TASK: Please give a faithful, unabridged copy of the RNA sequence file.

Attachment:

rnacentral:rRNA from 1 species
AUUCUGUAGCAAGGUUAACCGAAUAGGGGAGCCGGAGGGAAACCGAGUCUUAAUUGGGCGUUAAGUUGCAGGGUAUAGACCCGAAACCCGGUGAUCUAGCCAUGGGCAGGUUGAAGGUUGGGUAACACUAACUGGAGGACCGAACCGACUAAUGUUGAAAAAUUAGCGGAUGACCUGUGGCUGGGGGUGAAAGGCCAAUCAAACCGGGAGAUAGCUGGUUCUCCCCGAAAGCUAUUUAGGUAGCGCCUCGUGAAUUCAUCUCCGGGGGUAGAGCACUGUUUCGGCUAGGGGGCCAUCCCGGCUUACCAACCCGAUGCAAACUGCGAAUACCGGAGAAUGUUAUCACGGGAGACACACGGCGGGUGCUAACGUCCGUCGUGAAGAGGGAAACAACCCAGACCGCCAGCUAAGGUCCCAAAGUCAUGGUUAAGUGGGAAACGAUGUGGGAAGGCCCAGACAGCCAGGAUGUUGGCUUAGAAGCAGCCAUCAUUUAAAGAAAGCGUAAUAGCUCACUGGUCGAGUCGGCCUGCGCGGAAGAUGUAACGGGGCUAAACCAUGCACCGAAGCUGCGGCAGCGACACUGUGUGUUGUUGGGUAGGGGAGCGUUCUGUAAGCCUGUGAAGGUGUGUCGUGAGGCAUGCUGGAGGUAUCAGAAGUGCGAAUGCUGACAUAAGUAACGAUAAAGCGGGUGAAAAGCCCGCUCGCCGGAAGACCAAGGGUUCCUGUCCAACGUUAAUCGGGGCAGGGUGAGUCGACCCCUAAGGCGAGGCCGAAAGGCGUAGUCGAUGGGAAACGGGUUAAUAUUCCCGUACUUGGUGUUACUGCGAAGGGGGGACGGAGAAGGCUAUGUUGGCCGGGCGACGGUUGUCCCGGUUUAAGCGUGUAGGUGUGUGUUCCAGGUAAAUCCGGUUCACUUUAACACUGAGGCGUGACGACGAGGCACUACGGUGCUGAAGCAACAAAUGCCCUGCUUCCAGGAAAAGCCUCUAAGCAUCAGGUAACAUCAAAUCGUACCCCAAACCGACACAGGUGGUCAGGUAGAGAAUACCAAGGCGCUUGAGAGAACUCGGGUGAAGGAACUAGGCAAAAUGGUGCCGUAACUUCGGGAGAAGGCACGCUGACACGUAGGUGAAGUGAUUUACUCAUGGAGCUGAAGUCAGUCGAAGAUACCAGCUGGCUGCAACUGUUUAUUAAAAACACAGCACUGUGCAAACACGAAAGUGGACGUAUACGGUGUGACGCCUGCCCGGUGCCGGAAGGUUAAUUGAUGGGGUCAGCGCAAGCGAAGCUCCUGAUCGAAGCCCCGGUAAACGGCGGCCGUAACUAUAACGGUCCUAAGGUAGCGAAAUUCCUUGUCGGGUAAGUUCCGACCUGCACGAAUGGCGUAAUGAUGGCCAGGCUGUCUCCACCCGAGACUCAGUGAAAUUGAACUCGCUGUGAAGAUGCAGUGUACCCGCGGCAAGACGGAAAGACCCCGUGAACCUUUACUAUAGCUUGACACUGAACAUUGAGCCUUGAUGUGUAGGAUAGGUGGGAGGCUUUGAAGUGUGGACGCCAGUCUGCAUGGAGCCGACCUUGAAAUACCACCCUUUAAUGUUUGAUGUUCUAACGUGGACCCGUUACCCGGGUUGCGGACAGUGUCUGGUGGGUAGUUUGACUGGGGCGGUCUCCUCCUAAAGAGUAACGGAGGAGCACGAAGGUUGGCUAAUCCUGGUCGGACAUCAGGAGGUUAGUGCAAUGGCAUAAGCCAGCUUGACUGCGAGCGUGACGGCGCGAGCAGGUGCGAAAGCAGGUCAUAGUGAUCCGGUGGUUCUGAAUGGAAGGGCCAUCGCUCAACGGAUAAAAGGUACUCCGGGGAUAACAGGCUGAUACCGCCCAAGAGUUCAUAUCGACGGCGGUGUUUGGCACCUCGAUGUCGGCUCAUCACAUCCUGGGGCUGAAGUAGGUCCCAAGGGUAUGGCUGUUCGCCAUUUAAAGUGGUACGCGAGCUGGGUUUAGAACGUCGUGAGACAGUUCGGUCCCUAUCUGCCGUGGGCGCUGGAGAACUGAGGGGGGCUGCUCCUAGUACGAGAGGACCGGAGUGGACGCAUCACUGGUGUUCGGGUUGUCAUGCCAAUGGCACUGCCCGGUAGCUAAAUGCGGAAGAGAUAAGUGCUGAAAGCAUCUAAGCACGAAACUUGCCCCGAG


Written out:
rnacentral:rRNA from 1 species
AUUCUGUAGCAAGGUUAACCGAAUAGGGGAGCCGGAGGGAAACCGAGUCUUAAUUGGGCGUUAAGUUGCAGGGUAUAGACCCGAAACCCGGUGAUCUAGCCAUGGGCAGGUUGAAGGUUGGGUAACACUAACUGGAGGACCGAACCGACUAAUGUUGAAAAAUUAGCGGAUGACCUGUGGCUGGGGGUGAAAGGCCAAUCAAACCGGGAGAUAGCUGGUUCUCCCCGAAAGCUAUUUAGGUAGCGCCUCGUGAAUUCAUCUCCGGGGGUAGAGCACUGUUUCGGCUAGGGGGCCAUCCCGGCUUACCAACCCGAUGCAAACUGCGAAUACCGGAGAAUGUUAUCACGGGAGACACACGGCGGGUGCUAACGUCCGUCGUGAAGAGGGAAACAACCCAGACCGCCAGCUAAGGUCCCAAAGUCAUGGUUAAGUGGGAAACGAUGUGGGAAGGCCCAGACAGCCAGGAUGUUGGCUUAGAAGCAGCCAUCAUUUAAAGAAAGCGUAAUAGCUCACUGGUCGAGUCGGCCUGCGCGGAAGAUGUAACGGGGCUAAACCAUGCACCGAAGCUGCGGCAGCGACACUGUGUGUUGUUGGGUAGGGGAGCGUUCUGUAAGCCUGUGAAGGUGUGUCGUGAGGCAUGCUGGAGGUAUCAGAAGUGCGAAUGCUGACAUAAGUAACGAUAAAGCGGGUGAAAAGCCCGCUCGCCGGAAGACCAAGGGUUCCUGUCCAACGUUAAUCGGGGCAGGGUGAGUCGACCCCUAAGGCGAGGCCGAAAGGCGUAGUCGAUGGGAAACGGGUUAAUAUUCCCGUACUUGGUGUUACUGCGAAGGGGGGACGGAGAAGGCUAUGUUGGCCGGGCGACGGUUGUCCCGGUUUAAGCGUGUAGGUGUGUGUUCCAGGUAAAUCCGGUUCACUUUAACACUGAGGCGUGACGACGAGGCACUACGGUGCUGAAGCAACAAAUGCCCUGCUUCCAGGAAAAGCCUCUAAGCAUCAGGUAACAUCAAAUCGUACCCCAAACCGACACAGGUGGUCAGGUAGAGAAUACCAAGGCGCUUGAGAGAACUCGGGUGAAGGAACUAGGCAAAAUGGUGCCGUAACUUCGGGAGAAGGCACGCUGACACGUAGGUGAAGUGAUUUACUCAUGGAGCUGAAGUCAGUCGAAGAUACCAGCUGGCUGCAACUGUUUAUUAAAAACACAGCACUGUGCAAACACGAAAGUGGACGUAUACGGUGUGACGCCUGCCCGGUGCCGGAAGGUUAAUUGAUGGGGUCAGCGCAAGCGAAGCUCCUGAUCGAAGCCCCGGUAAACGGCGGCCGUAACUAUAACGGUCCUAAGGUAGCGAAAUUCCUUGUCGGGUAAGUUCCGACCUGCACGAAUGGCGUAAUGAUGGCCAGGCUGUCUCCACCCGAGACUCAGUGAAAUUGAACUCGCUGUGAAGAUGCAGUGUACCCGCGGCAAGACGGAAAGACCCCGUGAACCUUUACUAUAGCUUGACACUGAACAUUGAGCCUUGAUGUGUAGGAUAGGUGGGAGGCUUUGAAGUGUGGACGCCAGUCUGCAUGGAGCCGACCUUGAAAUACCACCCUUUAAUGUUUGAUGUUCUAACGUGGACCCGUUACCCGGGUUGCGGACAGUGUCUGGUGGGUAGUUUGACUGGGGCGGUCUCCUCCUAAAGAGUAACGGAGGAGCACGAAGGUUGGCUAAUCCUGGUCGGACAUCAGGAGGUUAGUGCAAUGGCAUAAGCCAGCUUGACUGCGAGCGUGACGGCGCGAGCAGGUGCGAAAGCAGGUCAUAGUGAUCCGGUGGUUCUGAAUGGAAGGGCCAUCGCUCAACGGAUAAAAGGUACUCCGGGGAUAACAGGCUGAUACCGCCCAAGAGUUCAUAUCGACGGCGGUGUUUGGCACCUCGAUGUCGGCUCAUCACAUCCUGGGGCUGAAGUAGGUCCCAAGGGUAUGGCUGUUCGCCAUUUAAAGUGGUACGCGAGCUGGGUUUAGAACGUCGUGAGACAGUUCGGUCCCUAUCUGCCGUGGGCGCUGGAGAACUGAGGGGGGCUGCUCCUAGUACGAGAGGACCGGAGUGGACGCAUCACUGGUGUUCGGGUUGUCAUGCCAAUGGCACUGCCCGGUAGCUAAAUGCGGAAGAGAUAAGUGCUGAAAGCAUCUAAGCACGAAACUUGCCCCGAG